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Eliana M. Klier, Dora E. Angelaki, Bernhard J. M. Hess; Gravitational signals contribute to visuospatial updating in humans. Journal of Vision 2005;5(8):757. doi: 10.1167/5.8.757.
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© ARVO (1962-2015); The Authors (2016-present)
Primates can update, and thus keep track of, the locations of objects in space. Specifically, they can accurately look to the remembered location of a flashed target even if the eyes/head are subsequently moved from their initial location. To do this, the brain requires information about the amplitude and direction of the intervening movement. Such information can be provided either by motor signals (i.e., efference copies) or by sensory signals. These sensory cues include proprioception and vestibular (i.e., canal and otolith) signals that also provide information on the body's orientation relative to gravity.
To determine if efference copy signals are necessary for spatial updating, we had subjects sit, with their heads and bodies fixed, on a three-dimensional turntable. In complete darkness, subjects were passively rotated torsionally (left ear down or right ear down) to a new orientation, briefly shown an eccentric target, returned to upright, and then asked to make a saccade to the remembered target. Using this paradigm, we tested subjects' abilities to update from 7 tilt angles to 8 target directions and 2 target amplitudes.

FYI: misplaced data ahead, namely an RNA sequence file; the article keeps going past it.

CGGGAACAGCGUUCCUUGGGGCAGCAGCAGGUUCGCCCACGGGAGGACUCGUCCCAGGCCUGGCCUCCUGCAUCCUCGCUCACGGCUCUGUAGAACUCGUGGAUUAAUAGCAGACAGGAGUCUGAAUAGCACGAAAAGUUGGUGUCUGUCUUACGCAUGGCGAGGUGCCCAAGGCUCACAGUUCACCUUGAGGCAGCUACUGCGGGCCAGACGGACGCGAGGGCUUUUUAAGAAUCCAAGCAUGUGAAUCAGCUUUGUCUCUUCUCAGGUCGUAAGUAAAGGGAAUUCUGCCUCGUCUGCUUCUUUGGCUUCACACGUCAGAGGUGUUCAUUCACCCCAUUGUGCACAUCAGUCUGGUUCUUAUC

We found that subjects were able to update remembered target locations from all tilt angles and all amplitudes. Slopes of directional errors vs. tilt angle ranged from −0.01 to 0.15, were similar to a slope of 0 (perfect updating) and significantly different from a slope of 1 (no compensation for head torsion). Since the head and body were fixed throughout these rotations, efference copies were not required for updating.
To investigate the contribution of canal vs. gravitational signals, we repeated the above experiment with subjects supine. This time the slopes of directional errors vs. tilt angle ranged from 0.60 to 0.82, indicating poor updating performance. Thus, we conclude that information specifying the body's orientation relative to gravity is critical for maintaining spatial constancy and for distinguishing space-fixed vs. body-fixed targets.
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